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(Reuters) - For many years Shimon Peres, who died on Wednesday at the age of 93, got by on very little sleep.
He was in his mid-70s when I asked him how much rest he averaged each night given his tireless engagement in public life for what was already more than half a century.
"Five hours," he said.
Israel's perpetual prophet of peace, Peres held every top job in the cabinet.
He served as president, bringing vitality to a largely ceremonial job during a seven-year term that ended in 2014, days shy of his 91st birthday.
In interviews and informal chats we had through the years, Peres never abandoned his enthusiasm for the political battlefield, even when it meant enduring the scorn of countrymen who tagged him a dreamer.
Although his oratory and diplomacy made him a welcome visitor throughout much of the world, his optimism often seemed out of place in the rough-and-tumble world of Israeli politics.
He persisted nevertheless.
Peres was in equal measure a hawk and a dove.
Groomed for leadership by Israel's founding father David Ben-Gurion, Peres already was building the country's defenses before its creation in 1948.
He helped turn Israel in its early years into a nuclear power by procuring the secret Dimona reactor from France. As foreign minister in 1993, he and Prime Minister Yitzhak Rabin sealed the Oslo accords, a groundbreaking 1993 interim peace deal with the Palestinians.
"I felt that Israel must become strong enough so she will be able to make peace," he said. He adhered to that position even as his dream of a lasting peace in a new Middle East proved to be elusive.
Peres smiled during an interview when I asked what Rabin said to him in the moments they shook hands with Yasser Arafat to cement the Oslo accords.
We on the sun-bleached White House lawn could hardly believe our eyes when Rabin and Arafat, the Palestinian leader, reached across decades of war and enmity to shake hands.
When next Arafat extended his hand to Peres, Rabin pointed at Peres and said something.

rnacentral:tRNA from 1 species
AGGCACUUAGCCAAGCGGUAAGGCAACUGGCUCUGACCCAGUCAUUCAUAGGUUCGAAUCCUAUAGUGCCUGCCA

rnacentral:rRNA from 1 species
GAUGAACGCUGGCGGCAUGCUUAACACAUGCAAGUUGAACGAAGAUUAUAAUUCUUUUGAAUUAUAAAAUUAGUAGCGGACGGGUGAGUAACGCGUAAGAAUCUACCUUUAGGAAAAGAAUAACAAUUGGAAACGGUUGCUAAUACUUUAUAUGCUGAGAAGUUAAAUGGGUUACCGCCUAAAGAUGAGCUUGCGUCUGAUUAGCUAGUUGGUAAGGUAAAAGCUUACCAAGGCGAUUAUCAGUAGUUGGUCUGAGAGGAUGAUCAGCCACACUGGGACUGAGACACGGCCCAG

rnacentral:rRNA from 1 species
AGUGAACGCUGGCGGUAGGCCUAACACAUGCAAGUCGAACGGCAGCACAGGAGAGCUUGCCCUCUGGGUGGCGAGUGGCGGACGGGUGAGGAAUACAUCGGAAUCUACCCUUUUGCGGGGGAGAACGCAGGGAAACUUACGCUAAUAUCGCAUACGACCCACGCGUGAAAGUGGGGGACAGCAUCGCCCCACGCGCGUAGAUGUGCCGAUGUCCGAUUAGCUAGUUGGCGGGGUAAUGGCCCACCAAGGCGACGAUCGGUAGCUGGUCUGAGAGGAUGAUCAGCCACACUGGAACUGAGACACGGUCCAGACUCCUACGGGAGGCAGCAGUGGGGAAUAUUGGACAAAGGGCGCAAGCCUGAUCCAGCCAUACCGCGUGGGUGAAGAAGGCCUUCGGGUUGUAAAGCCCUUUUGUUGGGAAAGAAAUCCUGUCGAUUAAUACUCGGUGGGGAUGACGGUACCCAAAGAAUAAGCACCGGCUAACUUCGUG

"Now it's your turn," Rabin told him. It was "as though we are going to commit something of a terrible nature," Peres told me with a broad smile.
Nearly as surprising as the accord itself was the fact the gray-haired Peres and Rabin, rivals for decades, had made peace with each other.
At various points in his career, Peres angered Palestinians by seeming to do little to rein in the expansion of Israeli settlements on land captured during the 1967 Middle East war.
When he and Rabin shared the Nobel Peace Prize with Arafat in 1994, Peres said he was keenly aware of the need to show respect when negotiating with the Palestinian leader.
"Occasionally I warned myself, 'Don't be too successful. It may be counterproductive. Don't press him too much. Don't try to squeeze out too much. You must be generous enough to enable him to remain a partner.'"
Asked if Arafat had shown him the same respect, Peres told me, "I am not sure. I think for him I was a strange continent ... I think deep in his heart he understood that I am not an enemy, that I mean well, but he, too ... was afraid that I am trying to overpower him, that I am trying to push him in a corner."
On Wednesday, Palestinian President Mahmoud Abbas, Arafat's successor, said he had sent a condolence letter to Peres's family praising the Israeli's "intensive efforts to reach out for a lasting peace ... until the last days."
In November 1995, nearly 26 months after the Oslo accords ceremony, a Jewish gunman opposed to peace moves with the Palestinians killed Rabin in Tel Aviv.
Minutes earlier, the prime minister had given Peres, his onetime rival, a hug at a peace rally.
"You see," Rabin told reporters. "Things change not only in the world but also in the Middle East - also for us."
Years after the White House handshakes, his Oslo peace deal in tatters, Peres clung to power, aspiring, he said, to forge a better life for his children and grandchildren.
In 1999, Peres was running a Tel Aviv peace center that to this day bears his name. Ehud Barak, his successor as Labor Party leader, was standing for prime minister.
Peres took a deep breath when I asked if he would prefer to be making another run at Israel's top job himself.
"Look, you have your own fate and your own luck and there is no sense to be angry or to be pessimistic. It's a total waste of time, and to be fair I got my opportunities," Peres said.
The last of Israel's founding fathers, Peres then served in several more cabinets before the Knesset, Israel's parliament, elected him president.
Reuters editor Howard Goller reported on the Israeli-Palestinian conflict from 1984-2001
Reporting by Howard Goller; Editing by Toni Reinhold